First, let her say that the Janome machine is not unique- there are many embroidery machines on the market, and at least 2 are simply repackaged versions of the Janome. While Elna and Bernina both make exquisite sewing machines in Switzerland, they leave the manufacture of their embroidery-only machines to the electronic geniuses in Japan. The Elna 8300 and the Bernette 340 Deco are essentially the same machine as the Janome, and are built in the same factory; the differences are cosmetic and electronic, but the mechanics are all pretty much the same. They all connect the hoop to a post at the back of the machine, which can be seen in the Bernette image below.
The other set of brandmates you will find are manufactured by Brother, and include their nameplate, plus Necchi and BabyLock. They can be recognized by the bar that runs from the front to the back of the machine.
So, back to the Janome! One of the first variables one wants to consider when choosing an embroidery machine is the embroidery size. The Janome 300E offers a 5.5" by 7.9" embroidery field. While this is not the largest embroidery field available, it is pretty large for a machine at this price. Please note the "hoop size" and "embroidery size" is not the same. You can buy a "mega-hoop" for this machine, and many others, but the embroidery capacity of the machine does not change. "Mega" hoops allow you to combine designs, or pieces of designs, without re-hooping, so a larger design can be created with perfect alignment.
The Janome comes with 100 designs built in to the machine, a menagerie of floral baskets, teddy bears, and other inane designs. Built-in designs should really be your last consideration when choosing a machine, because you can download millions of designs from the internet, at a cost of anywhere from free to about 20 bucks. Most designs Miss Ginger has downloaded have cost about $6-7.
The machine is designed to take PC cards, and Janome offers a number of pre-programmed cards for purchase.
Since PC cards have pretty much gone the way of the floppy disc, they also offer a PC card adapter, that allows you to use a Compact Flash card to carry designs downloaded from the internet from your PC to your machine. Compact Flash memory is cheap, so you can maintain your files on CF memory and load them into the machine when you need them. The machine also has a built-in memory, so your most often used designed can be stored directly on the machine to be called up whenever you need them. BTW, PC card adapters are commonplace; you don't need one specific to this machine. PC card adapters are available anywhere office supplies are sold.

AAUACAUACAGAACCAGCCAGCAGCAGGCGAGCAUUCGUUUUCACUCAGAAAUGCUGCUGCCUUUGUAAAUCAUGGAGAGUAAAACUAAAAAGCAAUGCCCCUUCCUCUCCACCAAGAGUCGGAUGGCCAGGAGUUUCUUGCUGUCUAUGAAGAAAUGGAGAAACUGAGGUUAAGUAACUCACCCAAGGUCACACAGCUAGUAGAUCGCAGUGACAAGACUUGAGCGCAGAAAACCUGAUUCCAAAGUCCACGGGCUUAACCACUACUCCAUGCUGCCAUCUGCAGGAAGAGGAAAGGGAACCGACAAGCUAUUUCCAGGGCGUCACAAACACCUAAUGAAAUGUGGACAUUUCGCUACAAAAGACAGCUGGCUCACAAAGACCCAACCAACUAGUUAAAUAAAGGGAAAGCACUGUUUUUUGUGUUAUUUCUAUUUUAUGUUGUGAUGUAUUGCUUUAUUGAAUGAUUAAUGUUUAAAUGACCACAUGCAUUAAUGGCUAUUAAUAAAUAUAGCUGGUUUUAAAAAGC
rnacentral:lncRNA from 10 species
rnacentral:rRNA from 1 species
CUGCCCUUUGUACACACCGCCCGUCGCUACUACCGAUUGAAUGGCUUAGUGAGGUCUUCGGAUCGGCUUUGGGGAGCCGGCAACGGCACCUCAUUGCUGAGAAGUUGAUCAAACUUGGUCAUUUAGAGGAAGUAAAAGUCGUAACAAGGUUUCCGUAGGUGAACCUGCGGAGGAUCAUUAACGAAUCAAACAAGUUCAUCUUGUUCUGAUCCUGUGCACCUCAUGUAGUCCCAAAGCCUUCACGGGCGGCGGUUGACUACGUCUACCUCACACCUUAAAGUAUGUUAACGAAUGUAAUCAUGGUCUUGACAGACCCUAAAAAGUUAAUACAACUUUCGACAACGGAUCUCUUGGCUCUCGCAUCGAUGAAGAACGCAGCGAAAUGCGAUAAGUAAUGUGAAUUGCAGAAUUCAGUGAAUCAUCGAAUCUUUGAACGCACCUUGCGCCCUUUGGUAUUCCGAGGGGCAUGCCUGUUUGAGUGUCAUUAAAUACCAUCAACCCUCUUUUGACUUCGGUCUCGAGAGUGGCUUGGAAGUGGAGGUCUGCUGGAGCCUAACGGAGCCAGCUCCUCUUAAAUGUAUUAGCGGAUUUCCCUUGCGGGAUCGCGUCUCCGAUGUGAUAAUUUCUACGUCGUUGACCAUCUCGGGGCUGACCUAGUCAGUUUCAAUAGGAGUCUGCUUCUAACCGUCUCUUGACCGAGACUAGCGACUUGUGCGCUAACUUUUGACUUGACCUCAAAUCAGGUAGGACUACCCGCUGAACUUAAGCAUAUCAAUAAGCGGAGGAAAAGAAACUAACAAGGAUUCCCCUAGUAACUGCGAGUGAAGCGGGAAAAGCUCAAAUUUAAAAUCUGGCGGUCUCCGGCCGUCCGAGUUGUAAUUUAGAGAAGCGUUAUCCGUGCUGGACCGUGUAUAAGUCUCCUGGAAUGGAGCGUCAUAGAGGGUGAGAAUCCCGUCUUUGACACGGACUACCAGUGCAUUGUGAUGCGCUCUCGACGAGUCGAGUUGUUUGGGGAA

This machine has 3 on-board fonts that can be used to create 2 and 3 letter monograms without a computer, but with your PC card and the appropriate software, you can create monograms from any TrueType font installed on your PC.
Embroidery thread for these machines is made by several different companies, and each one has it's own numbering scheme to define the colors. The Janome machine allows you to select among the most common thread brands, and will prompt you with the brand-specific thread number when it's time to change the thread.
There are a number of convenient features built into the Janome that allow it to do some image manipulation without a computer. It can flip designs horizontally and vertically, as well as rotate them 360 degrees, in 45 degree increments. Designs can be resized from 90 percent to 120 percent right on the screen, and you can move designs on the screen to change their relative position within the hoop.
The hoops come with drop-in templates to help you place your design on the fabric, and once the machine is set up, you can have it trace the design area within the hoop to ensure your design fits within the bounds of your project.
One worthwhile accessory that is only available for the Janome, as best as Miss G can tell, the the Janome Clothsetter. This simple, yet unique device, allows you to ensure your embroidery design with appear exactly where you want it on the fabric.
The Janome hoop connects to the Clothsetter the same way it connects to the machine.
With the bottom of the hoop attached to the Clothsetter, the stabilizer and fabric are set on top, the top of the hoop is laid in place, and the arm of the Clothsetter is lowered. Align the crosshairs on the Clothsetter with the centerpoint on your fabric, press the top of the hoop into place, and you are guaranteed perfect alignment. This accessory alone would lead me to choose a Janome machine above all others!
The stitch quality of the Janome machine is exquisite... it creates a beautiful satin stitch, a consistent running stitch, and perfect pattern replication, time after time.
The control panel shows the time left to stitch out, the color progression, hoop size, and machine condition. In the rare case of a thread break, or the more common occurrence of bobbin depletion, the machine allows you to back up the design in 10 stitch increments, to restitch an pattern areas that were not completely stitched.
Miss Ginger has completed quite a few projects using the machine, the most recent of which was to create "coordinated" sheets to accompany a duvet she bought on clearance, with no matching sheets available!
The Janome 300E gets Miss Ginger's coveted 5 lipsticks!!
For the money, this machine is a knockout!!